Dr. Shea is Chief, Climate Services Division of the NOAA National Climatic Data Center (NCDC), and since fall of 2005, Director of the NOAA Integrated Data and Environmental Applications Center (NOAA-IDEA). She is responsible for NCDC programs in data access; data integration and visualization; user engagement; education and outreach; and regional, national, and international climate service partnerships. She has written extensively about assessing the consequences of climate variability and change. Dr. Shea is a Fellow of the American Meteorological Society. She is Chair of the Steering Committee of the Pacific Climate Information System (PaCIS) – a prototype regional climate service - and is leading planning efforts related to regional service in the context of a NOAA Climate Service.
Eileen Sobeck, Deputy Assistant Secretary for Fish and Wildlife and Parks in the Department of Interior
Eileen Sobeck is a graduate from Stanford Law. Early in her career she worked as General Counsel for the National Oceanic and Atmospheric Administration. In 1984 she began her carrier at the Department of Justice Environment and Natural Resource Division as a trial Attorney. She then moved through the ranks to become the Assistant Chief and then Chief of the Wildlife and Marine resources section. In 1999 she became the Assistant Attorney General supervising Environmental Crimes and Wildlife and Marine Resources. She was awarded the prestigious Presidential Rank Award in 2003, and the Muskie-Chafee Award in 2010. Currently she serves as a Deputy Assistant Secretary for Fish and Wildlife in the Department of the Interior.
Missy Stults, Acting Programs Director, ICLEI-Local Governments
Missy Stults serves as the Acting Climate Programs Director for ICLEI (Local Governments for Sustainability) USA. As part of this role, Missy works with local governments throughout the country to help them identify strategies for reducing greenhouse gas emissions while also working to building local resilience to climate change and climate variability. In this capacity, Missy works with members of the Climate Team to build ICLEI’s Climate Resilient Communities adaptation program and ICLEI’s Communities for Climate Protection mitigation program - including the development of tools, resources, and support materials. Prior to this role, Missy served as the national Adaptation Manager for ICLEI USA - working to support local governments with preparing for climate change. Missy received her Masters degree in Climate and Society from Columbia University and her undergraduate training in marine biology and environmental science.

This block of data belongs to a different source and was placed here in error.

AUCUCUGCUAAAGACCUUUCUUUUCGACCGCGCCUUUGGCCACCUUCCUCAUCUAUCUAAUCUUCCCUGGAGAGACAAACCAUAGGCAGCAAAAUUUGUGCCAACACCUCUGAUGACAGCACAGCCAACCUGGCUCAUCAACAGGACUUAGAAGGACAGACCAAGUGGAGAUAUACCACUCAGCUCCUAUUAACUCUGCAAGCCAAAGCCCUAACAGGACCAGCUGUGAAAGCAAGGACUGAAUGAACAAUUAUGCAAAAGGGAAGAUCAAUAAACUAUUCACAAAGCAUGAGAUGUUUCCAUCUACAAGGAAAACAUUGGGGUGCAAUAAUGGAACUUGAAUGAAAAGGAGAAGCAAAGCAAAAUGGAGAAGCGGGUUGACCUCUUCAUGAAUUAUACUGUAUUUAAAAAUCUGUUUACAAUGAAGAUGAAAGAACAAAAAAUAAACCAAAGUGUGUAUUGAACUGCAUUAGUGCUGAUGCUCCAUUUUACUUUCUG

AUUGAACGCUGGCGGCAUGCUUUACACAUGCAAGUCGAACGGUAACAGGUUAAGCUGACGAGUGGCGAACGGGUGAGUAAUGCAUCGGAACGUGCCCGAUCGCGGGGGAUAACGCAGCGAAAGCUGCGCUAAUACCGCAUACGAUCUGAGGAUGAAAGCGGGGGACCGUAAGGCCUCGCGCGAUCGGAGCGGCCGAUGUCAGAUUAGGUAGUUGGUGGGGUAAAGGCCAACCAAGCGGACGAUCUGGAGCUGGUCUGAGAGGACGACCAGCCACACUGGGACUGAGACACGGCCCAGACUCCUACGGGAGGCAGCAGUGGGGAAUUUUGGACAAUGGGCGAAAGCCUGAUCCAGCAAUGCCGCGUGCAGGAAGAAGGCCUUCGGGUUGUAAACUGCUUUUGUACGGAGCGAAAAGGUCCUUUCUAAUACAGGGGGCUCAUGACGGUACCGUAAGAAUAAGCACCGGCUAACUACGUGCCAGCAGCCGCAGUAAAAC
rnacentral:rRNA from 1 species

Dr. Alan D. Thornhill, Science Advisor to the Director of the Bureau of Ocean Energy Management
In March 2010, Dr. Alan D. Thornhill was appointed the Science Advisor to the Director of the Bureau of Ocean Energy Management, a bureau of the U.S. Department of the Interior. Previously (2001-10) he was the Executive Director of the Society for Conservation Biology, and prior to that the Director of Learning and Communications for the Science Division for The Nature Conservancy and faculty in Ecology and Evolutionary Biology at Rice University in Houston, Texas. For more than 15 years, Dr. Thornhill has worked in conservation at the nexus between academic research and application of science to conservation and policy with a focus on climate change adaptation science. Since 2004 he has been part of the faculty in the College of Natural Resources, Virginia Polytechnic Institute and State University. He earned his Bachelor’s and Ph.D. degrees in Ecology from the University of California, Irvine.